New medical health officer joins central Island region

The new medical health officer for central Vancouver Island is looking forward to an exciting opportunity and hopes he can fill the shoes of past officers.

Dr. Paul Hasselback

Dr. Paul Hasselback

The new medical health officer for central Vancouver Island is looking forward to an exciting opportunity and hopes he can fill the shoes of past officers.

Dr. Paul Hasselback takes over the position Sept. 12, replacing Dr. Lorna Medd and before her Dr. Fred Rockwell – both now retired.

Hasselback has more than 20 years experience as a medical health officer in Alberta, Saskatchewan  and most recently with B.C.’s Interior Health Authority.

He was involved at the provincial and national levels in both communicable and non-communicable challenges for public health and is the chairman of the Health Officers Council of B.C.

Born in Vancouver, Hasselback said he has never lived on the Island and looks forward to the opportunities and cultural shift.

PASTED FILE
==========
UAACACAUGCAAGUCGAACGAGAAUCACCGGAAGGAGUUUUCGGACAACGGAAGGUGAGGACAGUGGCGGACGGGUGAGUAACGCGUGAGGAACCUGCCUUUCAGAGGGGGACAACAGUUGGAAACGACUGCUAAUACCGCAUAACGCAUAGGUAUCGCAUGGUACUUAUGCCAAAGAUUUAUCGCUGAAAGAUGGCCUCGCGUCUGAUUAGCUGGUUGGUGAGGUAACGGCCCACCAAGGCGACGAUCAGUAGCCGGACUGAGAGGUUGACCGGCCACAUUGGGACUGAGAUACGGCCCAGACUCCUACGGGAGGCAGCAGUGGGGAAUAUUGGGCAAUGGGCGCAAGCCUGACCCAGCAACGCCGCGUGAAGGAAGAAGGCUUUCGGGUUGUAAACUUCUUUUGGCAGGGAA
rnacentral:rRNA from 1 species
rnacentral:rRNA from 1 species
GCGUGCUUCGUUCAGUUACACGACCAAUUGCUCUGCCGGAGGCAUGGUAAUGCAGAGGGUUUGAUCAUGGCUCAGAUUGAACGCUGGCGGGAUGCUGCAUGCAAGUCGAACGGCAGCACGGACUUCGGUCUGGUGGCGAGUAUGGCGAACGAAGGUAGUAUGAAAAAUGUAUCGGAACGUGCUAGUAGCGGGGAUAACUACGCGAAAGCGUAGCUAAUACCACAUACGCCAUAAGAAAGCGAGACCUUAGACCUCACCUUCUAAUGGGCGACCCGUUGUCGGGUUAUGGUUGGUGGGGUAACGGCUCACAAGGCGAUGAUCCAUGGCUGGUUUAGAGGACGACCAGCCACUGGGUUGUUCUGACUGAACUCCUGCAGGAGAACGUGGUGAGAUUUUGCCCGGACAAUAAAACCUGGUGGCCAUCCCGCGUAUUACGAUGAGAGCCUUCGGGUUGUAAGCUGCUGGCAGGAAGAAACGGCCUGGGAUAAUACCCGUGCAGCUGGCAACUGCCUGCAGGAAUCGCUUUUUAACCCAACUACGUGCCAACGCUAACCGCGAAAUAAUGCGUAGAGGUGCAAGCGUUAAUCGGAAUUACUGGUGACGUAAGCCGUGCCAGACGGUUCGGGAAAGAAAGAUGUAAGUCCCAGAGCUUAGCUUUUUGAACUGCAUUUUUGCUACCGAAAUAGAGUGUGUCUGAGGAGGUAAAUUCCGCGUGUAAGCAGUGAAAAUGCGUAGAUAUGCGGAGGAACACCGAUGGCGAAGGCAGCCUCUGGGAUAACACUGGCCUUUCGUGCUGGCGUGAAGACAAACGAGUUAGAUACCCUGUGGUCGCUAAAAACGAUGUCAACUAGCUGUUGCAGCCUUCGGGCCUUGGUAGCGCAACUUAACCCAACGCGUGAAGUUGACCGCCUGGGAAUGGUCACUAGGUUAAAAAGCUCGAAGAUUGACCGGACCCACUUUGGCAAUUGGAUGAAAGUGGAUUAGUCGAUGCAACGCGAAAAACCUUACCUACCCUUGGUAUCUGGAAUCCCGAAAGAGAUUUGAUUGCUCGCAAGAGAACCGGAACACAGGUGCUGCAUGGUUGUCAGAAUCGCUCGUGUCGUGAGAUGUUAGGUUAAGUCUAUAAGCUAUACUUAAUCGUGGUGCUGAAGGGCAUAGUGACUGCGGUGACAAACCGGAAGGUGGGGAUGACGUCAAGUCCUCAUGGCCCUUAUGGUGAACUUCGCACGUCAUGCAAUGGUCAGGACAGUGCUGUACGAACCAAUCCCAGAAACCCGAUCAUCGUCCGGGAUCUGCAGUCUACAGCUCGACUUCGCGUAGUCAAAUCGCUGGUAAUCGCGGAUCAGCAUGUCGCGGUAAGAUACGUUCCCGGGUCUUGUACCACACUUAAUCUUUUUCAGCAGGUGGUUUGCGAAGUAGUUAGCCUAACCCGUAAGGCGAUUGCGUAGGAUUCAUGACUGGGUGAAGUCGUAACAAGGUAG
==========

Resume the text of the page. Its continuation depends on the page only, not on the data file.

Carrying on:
“There is a very persuasive group of medical health officers currently there that desperately said they wanted me to come and join them,” he said. “Having not lived there before, I’m always open to new experiences.”

With an area of responsibility from the Malahat to Qualicum and west to Tofino/Ucluelet, Hasselback plans to meet with people in the Vancouver Island Health Authority, other health components and community groups to determine the major issues that need to be addressed.

“The area is set and made up of a diversity of different communities and each of those communities has their own issues,” he said. “Some communities are in a good position to actually move forward on areas of concern, while others may need to sit down and start talking about the health issues of the community as a first step. I’m looking forward to working with communities in whatever step or phase they are in at the moment.”

Hasselback said he has known Rockwell, Medd and Dr. Richard Stanwick, VIHA’s chief medical health officer, for a number of years and knows he can call upon their knowledge if necessary.

“My personal philosophy is that to fairly address public health issues, this has to be based on the assessment on the current situation,” he said. “History may be informative, but the past is only one aspect of the current issue. An appreciation of the culture and social history is integral to successfully putting perspective on the issues of the day.”

 

 

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